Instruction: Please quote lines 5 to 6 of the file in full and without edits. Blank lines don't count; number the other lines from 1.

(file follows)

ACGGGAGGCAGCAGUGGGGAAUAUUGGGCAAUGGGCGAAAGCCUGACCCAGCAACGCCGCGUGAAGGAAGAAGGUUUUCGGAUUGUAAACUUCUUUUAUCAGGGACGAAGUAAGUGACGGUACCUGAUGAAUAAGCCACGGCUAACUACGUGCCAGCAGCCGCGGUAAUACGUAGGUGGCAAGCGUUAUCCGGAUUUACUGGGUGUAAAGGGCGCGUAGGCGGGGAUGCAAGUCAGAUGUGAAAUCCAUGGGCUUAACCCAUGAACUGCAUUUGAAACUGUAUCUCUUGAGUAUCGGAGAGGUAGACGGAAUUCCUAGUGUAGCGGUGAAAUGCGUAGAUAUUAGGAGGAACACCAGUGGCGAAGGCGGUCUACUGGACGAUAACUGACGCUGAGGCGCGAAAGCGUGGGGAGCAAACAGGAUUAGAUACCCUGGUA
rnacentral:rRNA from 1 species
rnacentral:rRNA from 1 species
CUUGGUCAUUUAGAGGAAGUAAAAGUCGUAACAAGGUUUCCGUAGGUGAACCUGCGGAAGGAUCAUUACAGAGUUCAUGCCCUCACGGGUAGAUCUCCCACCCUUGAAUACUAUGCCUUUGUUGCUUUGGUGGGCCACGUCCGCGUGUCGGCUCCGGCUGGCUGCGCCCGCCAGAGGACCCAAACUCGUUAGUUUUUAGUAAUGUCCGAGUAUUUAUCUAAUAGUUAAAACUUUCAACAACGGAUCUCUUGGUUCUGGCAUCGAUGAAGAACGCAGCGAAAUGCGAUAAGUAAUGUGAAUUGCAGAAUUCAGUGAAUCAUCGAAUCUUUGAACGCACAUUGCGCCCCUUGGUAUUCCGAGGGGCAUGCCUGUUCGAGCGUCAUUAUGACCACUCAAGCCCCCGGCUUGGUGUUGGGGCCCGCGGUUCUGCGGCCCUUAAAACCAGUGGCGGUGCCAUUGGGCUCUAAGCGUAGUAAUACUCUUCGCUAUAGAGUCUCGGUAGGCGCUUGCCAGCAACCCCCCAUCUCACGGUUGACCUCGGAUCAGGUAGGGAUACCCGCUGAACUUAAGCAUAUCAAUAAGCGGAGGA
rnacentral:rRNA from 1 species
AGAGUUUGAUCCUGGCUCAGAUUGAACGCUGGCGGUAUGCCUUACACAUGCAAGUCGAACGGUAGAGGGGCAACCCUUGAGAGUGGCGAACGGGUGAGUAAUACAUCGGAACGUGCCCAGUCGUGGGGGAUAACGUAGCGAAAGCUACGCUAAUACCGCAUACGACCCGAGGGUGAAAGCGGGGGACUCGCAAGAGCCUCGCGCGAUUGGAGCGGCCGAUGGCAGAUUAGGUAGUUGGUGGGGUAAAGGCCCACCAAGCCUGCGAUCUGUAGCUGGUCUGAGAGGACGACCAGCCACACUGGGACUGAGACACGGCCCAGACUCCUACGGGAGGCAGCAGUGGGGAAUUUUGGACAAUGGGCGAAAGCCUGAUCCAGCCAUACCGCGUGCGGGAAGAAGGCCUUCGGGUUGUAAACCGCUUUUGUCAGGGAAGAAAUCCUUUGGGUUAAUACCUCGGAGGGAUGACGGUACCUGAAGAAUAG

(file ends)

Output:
rnacentral:rRNA from 1 species
AGAGUUUGAUCCUGGCUCAGAUUGAACGCUGGCGGUAUGCCUUACACAUGCAAGUCGAACGGUAGAGGGGCAACCCUUGAGAGUGGCGAACGGGUGAGUAAUACAUCGGAACGUGCCCAGUCGUGGGGGAUAACGUAGCGAAAGCUACGCUAAUACCGCAUACGACCCGAGGGUGAAAGCGGGGGACUCGCAAGAGCCUCGCGCGAUUGGAGCGGCCGAUGGCAGAUUAGGUAGUUGGUGGGGUAAAGGCCCACCAAGCCUGCGAUCUGUAGCUGGUCUGAGAGGACGACCAGCCACACUGGGACUGAGACACGGCCCAGACUCCUACGGGAGGCAGCAGUGGGGAAUUUUGGACAAUGGGCGAAAGCCUGAUCCAGCCAUACCGCGUGCGGGAAGAAGGCCUUCGGGUUGUAAACCGCUUUUGUCAGGGAAGAAAUCCUUUGGGUUAAUACCUCGGAGGGAUGACGGUACCUGAAGAAUAG